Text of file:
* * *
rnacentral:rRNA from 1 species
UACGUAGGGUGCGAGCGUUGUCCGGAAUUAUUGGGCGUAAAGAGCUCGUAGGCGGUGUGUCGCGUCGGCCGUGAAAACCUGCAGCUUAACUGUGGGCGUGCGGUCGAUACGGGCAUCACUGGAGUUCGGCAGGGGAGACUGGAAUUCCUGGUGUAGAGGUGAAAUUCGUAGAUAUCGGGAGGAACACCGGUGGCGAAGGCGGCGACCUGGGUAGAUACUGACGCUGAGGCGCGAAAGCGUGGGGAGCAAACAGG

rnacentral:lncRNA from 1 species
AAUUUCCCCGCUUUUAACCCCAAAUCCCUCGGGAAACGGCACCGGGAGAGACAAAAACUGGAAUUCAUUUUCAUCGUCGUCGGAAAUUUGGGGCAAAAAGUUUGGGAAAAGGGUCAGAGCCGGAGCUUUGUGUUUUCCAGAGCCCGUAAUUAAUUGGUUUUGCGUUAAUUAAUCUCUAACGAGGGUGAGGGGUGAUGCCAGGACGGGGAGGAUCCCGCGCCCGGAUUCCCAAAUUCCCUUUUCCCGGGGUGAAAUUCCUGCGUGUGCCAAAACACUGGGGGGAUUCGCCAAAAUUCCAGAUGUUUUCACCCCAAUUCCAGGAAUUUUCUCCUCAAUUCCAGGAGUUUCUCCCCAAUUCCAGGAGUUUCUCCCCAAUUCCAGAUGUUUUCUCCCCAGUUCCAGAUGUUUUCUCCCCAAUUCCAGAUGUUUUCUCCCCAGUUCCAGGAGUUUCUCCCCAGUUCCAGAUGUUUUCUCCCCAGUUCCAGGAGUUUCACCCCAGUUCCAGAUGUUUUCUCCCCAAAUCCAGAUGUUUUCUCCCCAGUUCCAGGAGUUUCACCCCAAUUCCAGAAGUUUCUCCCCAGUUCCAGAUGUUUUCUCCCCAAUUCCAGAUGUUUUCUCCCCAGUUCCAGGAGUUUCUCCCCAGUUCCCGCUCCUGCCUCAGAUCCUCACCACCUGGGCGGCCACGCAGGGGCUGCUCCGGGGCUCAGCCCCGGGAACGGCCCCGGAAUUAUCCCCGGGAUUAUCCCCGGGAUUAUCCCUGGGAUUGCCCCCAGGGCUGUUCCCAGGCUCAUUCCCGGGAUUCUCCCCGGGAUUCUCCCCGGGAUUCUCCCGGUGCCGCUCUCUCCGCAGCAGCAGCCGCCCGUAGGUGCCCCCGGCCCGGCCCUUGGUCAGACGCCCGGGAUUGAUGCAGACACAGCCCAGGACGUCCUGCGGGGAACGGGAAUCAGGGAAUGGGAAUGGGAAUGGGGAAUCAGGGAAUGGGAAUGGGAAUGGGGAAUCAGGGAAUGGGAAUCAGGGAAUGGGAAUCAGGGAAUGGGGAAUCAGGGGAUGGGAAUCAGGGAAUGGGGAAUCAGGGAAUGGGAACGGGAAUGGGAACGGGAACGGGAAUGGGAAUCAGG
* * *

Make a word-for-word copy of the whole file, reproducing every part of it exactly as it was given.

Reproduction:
rnacentral:rRNA from 1 species
UACGUAGGGUGCGAGCGUUGUCCGGAAUUAUUGGGCGUAAAGAGCUCGUAGGCGGUGUGUCGCGUCGGCCGUGAAAACCUGCAGCUUAACUGUGGGCGUGCGGUCGAUACGGGCAUCACUGGAGUUCGGCAGGGGAGACUGGAAUUCCUGGUGUAGAGGUGAAAUUCGUAGAUAUCGGGAGGAACACCGGUGGCGAAGGCGGCGACCUGGGUAGAUACUGACGCUGAGGCGCGAAAGCGUGGGGAGCAAACAGG

rnacentral:lncRNA from 1 species
AAUUUCCCCGCUUUUAACCCCAAAUCCCUCGGGAAACGGCACCGGGAGAGACAAAAACUGGAAUUCAUUUUCAUCGUCGUCGGAAAUUUGGGGCAAAAAGUUUGGGAAAAGGGUCAGAGCCGGAGCUUUGUGUUUUCCAGAGCCCGUAAUUAAUUGGUUUUGCGUUAAUUAAUCUCUAACGAGGGUGAGGGGUGAUGCCAGGACGGGGAGGAUCCCGCGCCCGGAUUCCCAAAUUCCCUUUUCCCGGGGUGAAAUUCCUGCGUGUGCCAAAACACUGGGGGGAUUCGCCAAAAUUCCAGAUGUUUUCACCCCAAUUCCAGGAAUUUUCUCCUCAAUUCCAGGAGUUUCUCCCCAAUUCCAGGAGUUUCUCCCCAAUUCCAGAUGUUUUCUCCCCAGUUCCAGAUGUUUUCUCCCCAAUUCCAGAUGUUUUCUCCCCAGUUCCAGGAGUUUCUCCCCAGUUCCAGAUGUUUUCUCCCCAGUUCCAGGAGUUUCACCCCAGUUCCAGAUGUUUUCUCCCCAAAUCCAGAUGUUUUCUCCCCAGUUCCAGGAGUUUCACCCCAAUUCCAGAAGUUUCUCCCCAGUUCCAGAUGUUUUCUCCCCAAUUCCAGAUGUUUUCUCCCCAGUUCCAGGAGUUUCUCCCCAGUUCCCGCUCCUGCCUCAGAUCCUCACCACCUGGGCGGCCACGCAGGGGCUGCUCCGGGGCUCAGCCCCGGGAACGGCCCCGGAAUUAUCCCCGGGAUUAUCCCCGGGAUUAUCCCUGGGAUUGCCCCCAGGGCUGUUCCCAGGCUCAUUCCCGGGAUUCUCCCCGGGAUUCUCCCCGGGAUUCUCCCGGUGCCGCUCUCUCCGCAGCAGCAGCCGCCCGUAGGUGCCCCCGGCCCGGCCCUUGGUCAGACGCCCGGGAUUGAUGCAGACACAGCCCAGGACGUCCUGCGGGGAACGGGAAUCAGGGAAUGGGAAUGGGAAUGGGGAAUCAGGGAAUGGGAAUGGGAAUGGGGAAUCAGGGAAUGGGAAUCAGGGAAUGGGAAUCAGGGAAUGGGGAAUCAGGGGAUGGGAAUCAGGGAAUGGGGAAUCAGGGAAUGGGAACGGGAAUGGGAACGGGAACGGGAAUGGGAAUCAGG